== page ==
The power of “weak ties” in securing your next job

In the process of a job search, acquaintances are found to be more vital than close friends or family, particularly among employees in high-tech sectors.
By: | September 19, 2022

Job seekers with “moderately weak” social ties are more likely to find employment than those with stronger connections a new study revealed. Particularly, weak ties were shown to be advantageous for employees in high-tech industries due to remote and hybrid work arrangements that had made online connection and work become more of a priority.

To examine the impact of social media on the labour market and illustrate how networking with people outside of one’s immediate circle might result in new career opportunities, researchers from the Massachusetts Institute of Technology (MIT), Harvard, Stanford and LinkedIn conducted a five-year set of experiments on LinkedIn and looked at about 20 million LinkedIn members.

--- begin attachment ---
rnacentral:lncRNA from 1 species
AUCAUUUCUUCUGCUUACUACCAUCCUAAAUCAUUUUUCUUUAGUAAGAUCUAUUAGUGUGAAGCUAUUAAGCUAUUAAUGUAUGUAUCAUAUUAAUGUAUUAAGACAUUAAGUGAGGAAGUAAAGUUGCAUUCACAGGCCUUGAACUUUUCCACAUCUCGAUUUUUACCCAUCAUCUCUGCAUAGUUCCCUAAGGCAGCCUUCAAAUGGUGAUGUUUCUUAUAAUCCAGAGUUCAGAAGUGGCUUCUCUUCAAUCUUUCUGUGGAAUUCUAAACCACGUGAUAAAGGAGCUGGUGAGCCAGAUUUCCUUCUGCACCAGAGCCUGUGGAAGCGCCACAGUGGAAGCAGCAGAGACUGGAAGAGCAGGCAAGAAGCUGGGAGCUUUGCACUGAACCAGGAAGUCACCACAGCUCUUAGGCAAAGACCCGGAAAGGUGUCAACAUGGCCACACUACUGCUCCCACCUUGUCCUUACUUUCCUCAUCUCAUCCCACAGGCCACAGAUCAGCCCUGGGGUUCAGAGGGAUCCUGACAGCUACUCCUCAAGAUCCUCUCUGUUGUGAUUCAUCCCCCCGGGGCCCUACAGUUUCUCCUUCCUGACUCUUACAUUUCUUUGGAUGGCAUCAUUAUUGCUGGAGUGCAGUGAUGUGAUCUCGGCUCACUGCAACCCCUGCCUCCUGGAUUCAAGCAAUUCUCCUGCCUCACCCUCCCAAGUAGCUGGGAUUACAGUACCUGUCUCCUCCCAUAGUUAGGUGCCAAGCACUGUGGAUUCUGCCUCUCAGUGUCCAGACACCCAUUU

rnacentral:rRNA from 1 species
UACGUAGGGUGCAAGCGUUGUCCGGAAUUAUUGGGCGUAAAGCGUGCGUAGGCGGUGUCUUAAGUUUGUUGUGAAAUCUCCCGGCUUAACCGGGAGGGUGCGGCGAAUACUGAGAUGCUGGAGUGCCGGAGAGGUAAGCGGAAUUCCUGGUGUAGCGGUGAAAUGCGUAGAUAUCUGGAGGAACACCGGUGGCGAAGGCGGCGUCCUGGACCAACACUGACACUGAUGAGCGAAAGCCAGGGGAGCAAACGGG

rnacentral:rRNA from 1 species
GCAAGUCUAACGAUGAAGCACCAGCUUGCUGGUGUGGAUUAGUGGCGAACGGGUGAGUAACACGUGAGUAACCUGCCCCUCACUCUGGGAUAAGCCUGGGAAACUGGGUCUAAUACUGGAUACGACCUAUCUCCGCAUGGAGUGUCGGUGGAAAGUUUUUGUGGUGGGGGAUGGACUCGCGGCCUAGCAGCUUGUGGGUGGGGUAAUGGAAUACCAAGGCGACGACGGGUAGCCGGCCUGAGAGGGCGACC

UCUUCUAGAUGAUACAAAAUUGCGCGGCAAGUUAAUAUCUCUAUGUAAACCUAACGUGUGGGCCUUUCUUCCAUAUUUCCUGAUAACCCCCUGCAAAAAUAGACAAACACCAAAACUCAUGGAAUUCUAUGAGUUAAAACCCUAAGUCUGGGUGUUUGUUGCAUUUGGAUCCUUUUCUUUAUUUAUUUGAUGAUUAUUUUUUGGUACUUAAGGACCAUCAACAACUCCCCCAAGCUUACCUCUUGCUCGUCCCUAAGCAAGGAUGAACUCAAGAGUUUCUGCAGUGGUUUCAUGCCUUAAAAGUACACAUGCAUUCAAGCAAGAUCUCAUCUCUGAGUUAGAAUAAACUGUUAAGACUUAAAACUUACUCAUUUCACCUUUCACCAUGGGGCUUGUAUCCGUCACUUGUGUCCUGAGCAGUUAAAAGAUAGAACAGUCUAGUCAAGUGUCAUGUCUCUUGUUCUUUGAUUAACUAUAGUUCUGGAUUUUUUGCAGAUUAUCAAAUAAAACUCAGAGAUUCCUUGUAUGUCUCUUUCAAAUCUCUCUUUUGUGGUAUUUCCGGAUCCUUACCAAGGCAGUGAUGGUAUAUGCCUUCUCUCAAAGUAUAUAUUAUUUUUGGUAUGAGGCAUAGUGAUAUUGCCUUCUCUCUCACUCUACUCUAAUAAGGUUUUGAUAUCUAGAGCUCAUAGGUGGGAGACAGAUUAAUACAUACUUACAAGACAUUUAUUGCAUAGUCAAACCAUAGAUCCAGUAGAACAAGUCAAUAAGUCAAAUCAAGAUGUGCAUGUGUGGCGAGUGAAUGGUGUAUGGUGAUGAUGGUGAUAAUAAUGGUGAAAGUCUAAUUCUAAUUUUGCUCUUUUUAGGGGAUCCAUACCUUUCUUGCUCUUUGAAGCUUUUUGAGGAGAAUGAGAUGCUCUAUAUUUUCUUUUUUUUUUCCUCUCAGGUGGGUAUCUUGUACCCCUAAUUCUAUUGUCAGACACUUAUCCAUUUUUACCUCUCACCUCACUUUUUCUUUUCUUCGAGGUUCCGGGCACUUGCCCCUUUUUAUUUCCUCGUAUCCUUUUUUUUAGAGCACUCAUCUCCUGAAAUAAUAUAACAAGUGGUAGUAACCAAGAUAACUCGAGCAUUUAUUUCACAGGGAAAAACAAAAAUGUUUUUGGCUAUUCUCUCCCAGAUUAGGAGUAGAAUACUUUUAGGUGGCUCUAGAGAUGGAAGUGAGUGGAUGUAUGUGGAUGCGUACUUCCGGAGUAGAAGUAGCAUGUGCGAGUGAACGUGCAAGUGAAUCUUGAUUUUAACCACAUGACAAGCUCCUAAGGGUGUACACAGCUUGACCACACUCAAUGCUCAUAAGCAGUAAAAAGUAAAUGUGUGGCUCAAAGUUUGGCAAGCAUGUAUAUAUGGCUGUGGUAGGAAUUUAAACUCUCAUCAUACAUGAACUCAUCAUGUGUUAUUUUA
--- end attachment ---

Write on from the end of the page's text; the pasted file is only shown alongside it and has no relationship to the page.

Sinan Aral, a researcher of the team and profession of information technology and marketing at the MIT Sloan School of Management, explained, “We watched as their social networks evolved, and then watched as they applied for jobs, got jobs, and moved jobs, and then compared whether weak ties helped people find and take new jobs. The answer was yes.”

The results supported Phoebe Gavin, a career and leadership coach, advice to clients about the value of developing and maintaining “shallow connections”, who said, “You don’t need to take someone to dinner every three months to have a strong professional relationship with them. They just need to know who you are and not forget about you.”

READ: Why companies can’t hire their way out of the tech talent crunch

Furthermore, employees must be aware of how others in their field are managing their online presence on social media, according to Gavin.

“It’s really important to be proactive about understanding what the people at the pinnacle of your industry are doing to present themselves online,” she said. “Because with shallow connections, people are using shallow things to evaluate whether they should stick their neck out for you.”